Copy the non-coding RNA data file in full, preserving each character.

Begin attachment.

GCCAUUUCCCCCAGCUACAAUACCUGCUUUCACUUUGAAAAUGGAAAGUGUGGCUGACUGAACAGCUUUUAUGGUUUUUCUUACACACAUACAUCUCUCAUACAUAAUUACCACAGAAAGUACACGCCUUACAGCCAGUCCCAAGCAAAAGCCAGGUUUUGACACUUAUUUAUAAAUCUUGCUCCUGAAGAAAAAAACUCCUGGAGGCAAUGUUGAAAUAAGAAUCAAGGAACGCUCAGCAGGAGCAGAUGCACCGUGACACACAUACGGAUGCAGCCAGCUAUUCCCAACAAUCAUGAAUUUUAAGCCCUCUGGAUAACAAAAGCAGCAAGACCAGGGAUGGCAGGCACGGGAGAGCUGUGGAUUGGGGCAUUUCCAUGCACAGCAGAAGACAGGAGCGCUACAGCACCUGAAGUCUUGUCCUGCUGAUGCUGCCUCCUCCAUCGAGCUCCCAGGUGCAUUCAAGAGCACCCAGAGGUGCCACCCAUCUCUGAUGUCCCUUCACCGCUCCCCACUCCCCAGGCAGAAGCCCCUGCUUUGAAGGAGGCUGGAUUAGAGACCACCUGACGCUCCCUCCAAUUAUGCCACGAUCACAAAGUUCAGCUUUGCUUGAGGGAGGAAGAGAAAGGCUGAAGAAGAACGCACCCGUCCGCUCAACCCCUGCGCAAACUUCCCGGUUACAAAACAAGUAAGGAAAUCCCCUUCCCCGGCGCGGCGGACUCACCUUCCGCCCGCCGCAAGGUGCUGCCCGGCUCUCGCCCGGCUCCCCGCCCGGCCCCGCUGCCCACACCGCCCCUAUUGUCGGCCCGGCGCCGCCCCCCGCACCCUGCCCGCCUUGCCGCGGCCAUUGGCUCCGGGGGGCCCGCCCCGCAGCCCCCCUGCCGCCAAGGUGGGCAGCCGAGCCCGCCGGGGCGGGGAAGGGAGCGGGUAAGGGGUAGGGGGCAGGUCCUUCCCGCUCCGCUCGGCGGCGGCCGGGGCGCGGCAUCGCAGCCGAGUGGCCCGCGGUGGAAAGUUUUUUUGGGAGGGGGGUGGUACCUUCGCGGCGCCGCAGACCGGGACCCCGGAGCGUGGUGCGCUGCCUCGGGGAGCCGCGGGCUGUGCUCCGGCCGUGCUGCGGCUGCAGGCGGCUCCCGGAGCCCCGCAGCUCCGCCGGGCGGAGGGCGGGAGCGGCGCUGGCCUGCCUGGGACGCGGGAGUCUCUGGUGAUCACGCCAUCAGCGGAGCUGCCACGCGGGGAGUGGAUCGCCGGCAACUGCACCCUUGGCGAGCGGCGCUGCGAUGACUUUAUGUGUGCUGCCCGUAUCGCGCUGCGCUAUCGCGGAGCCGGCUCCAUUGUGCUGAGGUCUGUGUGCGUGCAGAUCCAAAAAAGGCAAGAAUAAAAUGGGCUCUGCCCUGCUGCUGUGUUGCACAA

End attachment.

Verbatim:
GCCAUUUCCCCCAGCUACAAUACCUGCUUUCACUUUGAAAAUGGAAAGUGUGGCUGACUGAACAGCUUUUAUGGUUUUUCUUACACACAUACAUCUCUCAUACAUAAUUACCACAGAAAGUACACGCCUUACAGCCAGUCCCAAGCAAAAGCCAGGUUUUGACACUUAUUUAUAAAUCUUGCUCCUGAAGAAAAAAACUCCUGGAGGCAAUGUUGAAAUAAGAAUCAAGGAACGCUCAGCAGGAGCAGAUGCACCGUGACACACAUACGGAUGCAGCCAGCUAUUCCCAACAAUCAUGAAUUUUAAGCCCUCUGGAUAACAAAAGCAGCAAGACCAGGGAUGGCAGGCACGGGAGAGCUGUGGAUUGGGGCAUUUCCAUGCACAGCAGAAGACAGGAGCGCUACAGCACCUGAAGUCUUGUCCUGCUGAUGCUGCCUCCUCCAUCGAGCUCCCAGGUGCAUUCAAGAGCACCCAGAGGUGCCACCCAUCUCUGAUGUCCCUUCACCGCUCCCCACUCCCCAGGCAGAAGCCCCUGCUUUGAAGGAGGCUGGAUUAGAGACCACCUGACGCUCCCUCCAAUUAUGCCACGAUCACAAAGUUCAGCUUUGCUUGAGGGAGGAAGAGAAAGGCUGAAGAAGAACGCACCCGUCCGCUCAACCCCUGCGCAAACUUCCCGGUUACAAAACAAGUAAGGAAAUCCCCUUCCCCGGCGCGGCGGACUCACCUUCCGCCCGCCGCAAGGUGCUGCCCGGCUCUCGCCCGGCUCCCCGCCCGGCCCCGCUGCCCACACCGCCCCUAUUGUCGGCCCGGCGCCGCCCCCCGCACCCUGCCCGCCUUGCCGCGGCCAUUGGCUCCGGGGGGCCCGCCCCGCAGCCCCCCUGCCGCCAAGGUGGGCAGCCGAGCCCGCCGGGGCGGGGAAGGGAGCGGGUAAGGGGUAGGGGGCAGGUCCUUCCCGCUCCGCUCGGCGGCGGCCGGGGCGCGGCAUCGCAGCCGAGUGGCCCGCGGUGGAAAGUUUUUUUGGGAGGGGGGUGGUACCUUCGCGGCGCCGCAGACCGGGACCCCGGAGCGUGGUGCGCUGCCUCGGGGAGCCGCGGGCUGUGCUCCGGCCGUGCUGCGGCUGCAGGCGGCUCCCGGAGCCCCGCAGCUCCGCCGGGCGGAGGGCGGGAGCGGCGCUGGCCUGCCUGGGACGCGGGAGUCUCUGGUGAUCACGCCAUCAGCGGAGCUGCCACGCGGGGAGUGGAUCGCCGGCAACUGCACCCUUGGCGAGCGGCGCUGCGAUGACUUUAUGUGUGCUGCCCGUAUCGCGCUGCGCUAUCGCGGAGCCGGCUCCAUUGUGCUGAGGUCUGUGUGCGUGCAGAUCCAAAAAAGGCAAGAAUAAAAUGGGCUCUGCCCUGCUGCUGUGUUGCACAA